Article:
The incidence and prevalence of thyroid disease do not differ in the multiple sclerosis and general populations: a validation study using administrative data

Neuroepidemiology. 2012;39(2):135-42. doi: 10.1159/000339757. Epub 2012 Aug 9.


Background: Prior studies of a possible increased risk of autoimmune thyroid disease (AIT) in multiple sclerosis (MS) are inconsistent. We aimed to validate and apply administrative case definitions for the surveillance of AIT in MS.

Methods: We used administrative health data to identify 4,192 persons with MS and an age-, sex- and geographically matched general population cohort (n = 20,940). We developed case definitions for AIT using International Classification of Disease-9/10 codes and prescription claims, compared them to medical records and applied them to estimate the incidence and prevalence of AIT.

Results: When compared to medical records, the administrative case definition using ≥1 hospital or ≥2 physician or ≥2 prescription claims had a sensitivity of 73.5% and specificity of 98.4%. In 2005, the age-adjusted prevalence of AIT was 9.51% [95% confidence interval (CI) 8.46-10.6] in the MS population and 8.56% (95% CI 8.11-9.02) in the general population. The age-adjusted incidence of AIT per 100,000 persons per year was 422.8 (95% CI 204.4-641.3) in the MS population and 407.7 (95% CI 308.5-506.9) in the general population. From 1996 to 2005, the prevalence of AIT rose in both populations.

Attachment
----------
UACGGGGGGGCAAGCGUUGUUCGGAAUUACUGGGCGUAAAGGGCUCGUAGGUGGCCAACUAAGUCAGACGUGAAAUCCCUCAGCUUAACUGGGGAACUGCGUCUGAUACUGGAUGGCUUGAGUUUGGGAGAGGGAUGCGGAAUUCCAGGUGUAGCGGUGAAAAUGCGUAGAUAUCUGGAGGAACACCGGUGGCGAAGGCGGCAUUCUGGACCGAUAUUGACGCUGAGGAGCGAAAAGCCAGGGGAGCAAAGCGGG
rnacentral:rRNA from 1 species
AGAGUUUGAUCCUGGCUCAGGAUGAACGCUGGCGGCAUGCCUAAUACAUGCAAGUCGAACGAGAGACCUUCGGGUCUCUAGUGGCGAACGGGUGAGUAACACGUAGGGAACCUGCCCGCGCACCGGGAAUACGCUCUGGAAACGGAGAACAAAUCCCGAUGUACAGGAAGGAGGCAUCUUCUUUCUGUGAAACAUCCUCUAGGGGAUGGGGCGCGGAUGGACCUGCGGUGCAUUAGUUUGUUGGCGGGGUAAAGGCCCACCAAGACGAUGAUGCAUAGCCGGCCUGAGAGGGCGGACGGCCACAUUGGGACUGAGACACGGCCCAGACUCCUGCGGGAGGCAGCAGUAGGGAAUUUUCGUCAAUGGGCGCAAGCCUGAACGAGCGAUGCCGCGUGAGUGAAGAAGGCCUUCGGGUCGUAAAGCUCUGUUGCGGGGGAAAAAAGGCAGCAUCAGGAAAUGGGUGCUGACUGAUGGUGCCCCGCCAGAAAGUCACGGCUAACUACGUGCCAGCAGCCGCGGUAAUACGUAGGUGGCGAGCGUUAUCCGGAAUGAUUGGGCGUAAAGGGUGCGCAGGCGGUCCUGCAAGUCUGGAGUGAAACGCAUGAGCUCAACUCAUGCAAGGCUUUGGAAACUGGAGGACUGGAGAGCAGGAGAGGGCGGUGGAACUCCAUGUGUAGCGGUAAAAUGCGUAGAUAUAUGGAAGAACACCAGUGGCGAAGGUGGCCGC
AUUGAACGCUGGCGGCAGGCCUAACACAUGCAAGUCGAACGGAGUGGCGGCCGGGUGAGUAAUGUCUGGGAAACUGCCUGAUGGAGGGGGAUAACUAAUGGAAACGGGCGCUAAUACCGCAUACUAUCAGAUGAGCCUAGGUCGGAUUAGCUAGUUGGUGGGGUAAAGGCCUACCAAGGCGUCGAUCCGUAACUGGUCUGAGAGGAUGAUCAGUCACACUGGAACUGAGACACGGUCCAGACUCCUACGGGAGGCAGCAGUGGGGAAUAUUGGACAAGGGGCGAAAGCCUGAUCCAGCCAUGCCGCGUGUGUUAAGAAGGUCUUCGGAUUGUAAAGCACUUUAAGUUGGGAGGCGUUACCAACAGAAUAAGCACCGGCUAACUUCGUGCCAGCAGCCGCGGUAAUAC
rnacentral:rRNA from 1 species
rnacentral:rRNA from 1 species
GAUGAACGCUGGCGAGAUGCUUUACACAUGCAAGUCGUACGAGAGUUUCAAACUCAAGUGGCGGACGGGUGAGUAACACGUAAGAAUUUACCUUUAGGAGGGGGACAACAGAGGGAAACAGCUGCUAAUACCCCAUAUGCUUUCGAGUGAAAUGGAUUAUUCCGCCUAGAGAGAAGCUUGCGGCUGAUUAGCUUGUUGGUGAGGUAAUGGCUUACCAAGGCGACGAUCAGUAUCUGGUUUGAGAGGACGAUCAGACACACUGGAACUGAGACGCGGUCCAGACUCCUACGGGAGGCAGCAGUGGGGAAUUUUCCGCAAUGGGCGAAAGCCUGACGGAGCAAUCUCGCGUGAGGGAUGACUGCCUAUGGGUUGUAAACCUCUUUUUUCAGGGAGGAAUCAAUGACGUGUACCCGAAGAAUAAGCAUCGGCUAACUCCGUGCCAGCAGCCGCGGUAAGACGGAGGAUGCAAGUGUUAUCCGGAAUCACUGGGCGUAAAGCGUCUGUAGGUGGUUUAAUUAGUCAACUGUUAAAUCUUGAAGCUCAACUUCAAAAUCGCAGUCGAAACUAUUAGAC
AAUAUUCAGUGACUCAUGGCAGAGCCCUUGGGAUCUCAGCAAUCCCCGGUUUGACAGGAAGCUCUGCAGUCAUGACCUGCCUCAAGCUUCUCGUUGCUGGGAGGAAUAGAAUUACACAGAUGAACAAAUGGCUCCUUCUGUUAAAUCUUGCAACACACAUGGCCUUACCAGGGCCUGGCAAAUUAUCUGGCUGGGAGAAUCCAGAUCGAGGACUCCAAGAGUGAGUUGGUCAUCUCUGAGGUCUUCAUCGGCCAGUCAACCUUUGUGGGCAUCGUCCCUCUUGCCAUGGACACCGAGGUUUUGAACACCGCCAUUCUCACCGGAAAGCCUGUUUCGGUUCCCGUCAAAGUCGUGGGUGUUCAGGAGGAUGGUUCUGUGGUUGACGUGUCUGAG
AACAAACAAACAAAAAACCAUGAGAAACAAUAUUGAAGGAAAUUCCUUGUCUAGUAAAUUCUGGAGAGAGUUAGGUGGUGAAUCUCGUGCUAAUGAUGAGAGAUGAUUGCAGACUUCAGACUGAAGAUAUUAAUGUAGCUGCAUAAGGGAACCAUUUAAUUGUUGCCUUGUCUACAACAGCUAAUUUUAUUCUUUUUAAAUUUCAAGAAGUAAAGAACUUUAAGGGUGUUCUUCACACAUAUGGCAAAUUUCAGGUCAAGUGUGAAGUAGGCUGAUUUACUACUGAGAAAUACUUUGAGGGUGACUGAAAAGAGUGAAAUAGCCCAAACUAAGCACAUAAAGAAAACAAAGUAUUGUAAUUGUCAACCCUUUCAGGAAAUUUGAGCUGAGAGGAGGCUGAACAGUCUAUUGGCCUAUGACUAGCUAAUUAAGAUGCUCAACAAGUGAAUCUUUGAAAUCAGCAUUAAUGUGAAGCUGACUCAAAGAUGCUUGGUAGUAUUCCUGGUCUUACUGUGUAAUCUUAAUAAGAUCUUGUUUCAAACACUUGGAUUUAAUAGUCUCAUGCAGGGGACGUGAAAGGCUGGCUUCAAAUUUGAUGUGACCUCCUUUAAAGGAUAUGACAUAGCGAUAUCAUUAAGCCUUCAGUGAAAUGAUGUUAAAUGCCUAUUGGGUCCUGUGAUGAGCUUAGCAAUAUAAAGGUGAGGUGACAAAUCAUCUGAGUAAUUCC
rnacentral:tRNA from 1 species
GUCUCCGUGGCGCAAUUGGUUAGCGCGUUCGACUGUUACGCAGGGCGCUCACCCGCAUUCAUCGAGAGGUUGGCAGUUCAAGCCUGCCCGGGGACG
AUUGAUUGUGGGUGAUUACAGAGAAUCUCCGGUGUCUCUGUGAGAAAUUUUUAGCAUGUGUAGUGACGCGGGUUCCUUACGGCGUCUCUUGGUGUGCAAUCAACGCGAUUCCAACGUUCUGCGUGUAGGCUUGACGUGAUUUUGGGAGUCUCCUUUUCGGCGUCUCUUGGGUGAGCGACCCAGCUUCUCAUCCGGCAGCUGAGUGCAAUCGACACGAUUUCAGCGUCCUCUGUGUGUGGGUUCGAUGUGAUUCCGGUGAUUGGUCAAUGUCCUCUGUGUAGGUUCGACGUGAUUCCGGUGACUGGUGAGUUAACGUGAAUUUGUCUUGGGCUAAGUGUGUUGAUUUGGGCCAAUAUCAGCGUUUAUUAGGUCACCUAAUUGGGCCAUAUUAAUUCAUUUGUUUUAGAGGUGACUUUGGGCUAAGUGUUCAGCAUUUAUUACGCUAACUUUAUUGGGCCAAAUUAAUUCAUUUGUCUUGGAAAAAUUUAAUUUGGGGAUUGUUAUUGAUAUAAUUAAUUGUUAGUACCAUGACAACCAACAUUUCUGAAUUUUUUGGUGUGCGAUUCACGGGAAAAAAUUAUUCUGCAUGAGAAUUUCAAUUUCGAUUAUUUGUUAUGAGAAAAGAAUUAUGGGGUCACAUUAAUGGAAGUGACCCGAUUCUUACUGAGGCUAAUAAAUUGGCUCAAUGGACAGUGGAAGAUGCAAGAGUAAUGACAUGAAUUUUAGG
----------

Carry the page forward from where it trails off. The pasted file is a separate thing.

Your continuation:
Conclusion: Administrative data can be used for surveillance of AIT in MS. The incidence and prevalence of thyroid disease are similar in the MS and general populations.

Publication types

  • Research Support, Non-U.S. Gov't
  • Validation Study

MeSH terms

  • Adult
  • Age of Onset
  • Aged
  • Comorbidity
  • Female
  • Humans
  • Incidence
  • Male
  • Manitoba / epidemiology
  • Middle Aged
  • Multiple Sclerosis / epidemiology*
  • Prevalence
  • Sensitivity and Specificity
  • Thyroid Diseases / epidemiology*